Hail To The Chief!
BRIEFLY NOTED: USCG v. SALAMON
(APP. DEC. 2686) (May 22, 2010)
In the “What’s up with this case?” department, we could not help but to note this very curious reversal by the Vice Commandant of an ALJ license decision by none other than that lately very well-known Chief Administrative Law Judge, Joseph N. Ingolia. In that case, the CALJ bent over backwards to dismiss misconduct charges against a mariner without a hearing on the subject, and even without a motion from the mariner. After being charged with misconduct for not reporting a marine incident according to Coast Guard regulations, the Respondent executed a “Good Faith Deposit” of his license in November 2007; on March 10, 2008, the Coast Guard filed its complaint; on March 24, 2008, four months after making his deposit, the Coast Guard returned his license to the mariner. On May 2, 2008, the CALJ dismissed the complaint after finding, sua sponte, that the Coast Guard failed to follow regulations. Even more curiously, the CALJ ordered that the mariner’s record be expunged of any evidence of the casualty or of the four-month suspension. Naturally the Coast Guard appealed this decision, probably after recovering from an extreme case of shock.
To add the comic-opera flavor of this whole affair, the Coast Guard’s failure to identify the issues it wished to appeal in its appellate brief drew a noteworthy rebuke (albeit in a footnote) from the Commandant. The Respondent did not even appear in the appeal. The focal issue seems to have been whether the voluntary deposit agreement between the Respondent and the Coast Guard was, as stated by the CALJ in his dismissal order, a violation of law, due process or public policy, by virtue of the fact that it was tendered by the Coast Guard and executed by the Respondent BEFORE the complaint was filed. The Commandant stated that, while it did not condone the procedure (absent enabling regulations by the Coast Guard which did not at that time exist), it could find no prejudice to the Respondent’s rights because he got the deal he bargained for – agreement by the Coast Guard in advance of the complaint to seek no greater suspension penalty than the suspension amount stipulated in the deposit agreement. The CALJ’s justification for sua sponte dismissal was that the process embarked upon by the Coast Guard, by which much of the action occurred before the CALJ’s involvement because it occurred before the filing of the complaint, prevented him from ensuring that the Respondent “received full due process”. The Commandant disagreed, finding error. But more significantly, the Commandant also found that the CALJ abused his discretion by ordering the Respondent’s record expunged, because that sanction found no express support in statute or regulation. This decision stands out as a rather unusual rebuke of the CALJ widely thought to be one of the Coast Guard’s leading “home team judges”.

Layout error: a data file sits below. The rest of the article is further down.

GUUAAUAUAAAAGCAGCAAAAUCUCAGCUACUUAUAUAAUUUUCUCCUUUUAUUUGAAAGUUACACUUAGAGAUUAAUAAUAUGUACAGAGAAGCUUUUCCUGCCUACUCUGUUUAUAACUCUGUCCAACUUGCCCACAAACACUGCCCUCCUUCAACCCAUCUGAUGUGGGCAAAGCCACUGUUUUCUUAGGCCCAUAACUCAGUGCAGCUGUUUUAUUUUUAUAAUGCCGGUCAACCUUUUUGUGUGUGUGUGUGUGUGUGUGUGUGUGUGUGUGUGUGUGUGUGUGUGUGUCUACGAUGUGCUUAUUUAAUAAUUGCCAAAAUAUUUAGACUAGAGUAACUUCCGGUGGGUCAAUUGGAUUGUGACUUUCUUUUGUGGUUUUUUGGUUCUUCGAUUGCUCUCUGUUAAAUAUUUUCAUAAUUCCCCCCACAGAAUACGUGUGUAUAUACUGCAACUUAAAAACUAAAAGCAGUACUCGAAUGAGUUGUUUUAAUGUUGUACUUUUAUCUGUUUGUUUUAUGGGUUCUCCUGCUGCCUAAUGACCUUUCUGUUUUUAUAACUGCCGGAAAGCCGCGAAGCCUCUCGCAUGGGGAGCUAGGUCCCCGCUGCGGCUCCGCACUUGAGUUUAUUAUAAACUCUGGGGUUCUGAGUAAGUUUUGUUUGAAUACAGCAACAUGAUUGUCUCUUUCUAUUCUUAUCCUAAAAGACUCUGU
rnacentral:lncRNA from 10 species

This decision is certainly fun to read, considering the possibly ignoble role that the CALJ has been accused of playing in the 2007 ALJ scandal. Apart from that, we can only surmise that there was something going on beneath the surface in this case, not apparent to the reader, but making an obvious determination on the outcome, that compelled CALJ Joseph Ingolia to cast aside his well-earned reputation as a stalwart “company man” and instead to champion the rights of a mariner. Fortunately for his hard-won reputation, the Commandant intervened to save the CALJ from himself.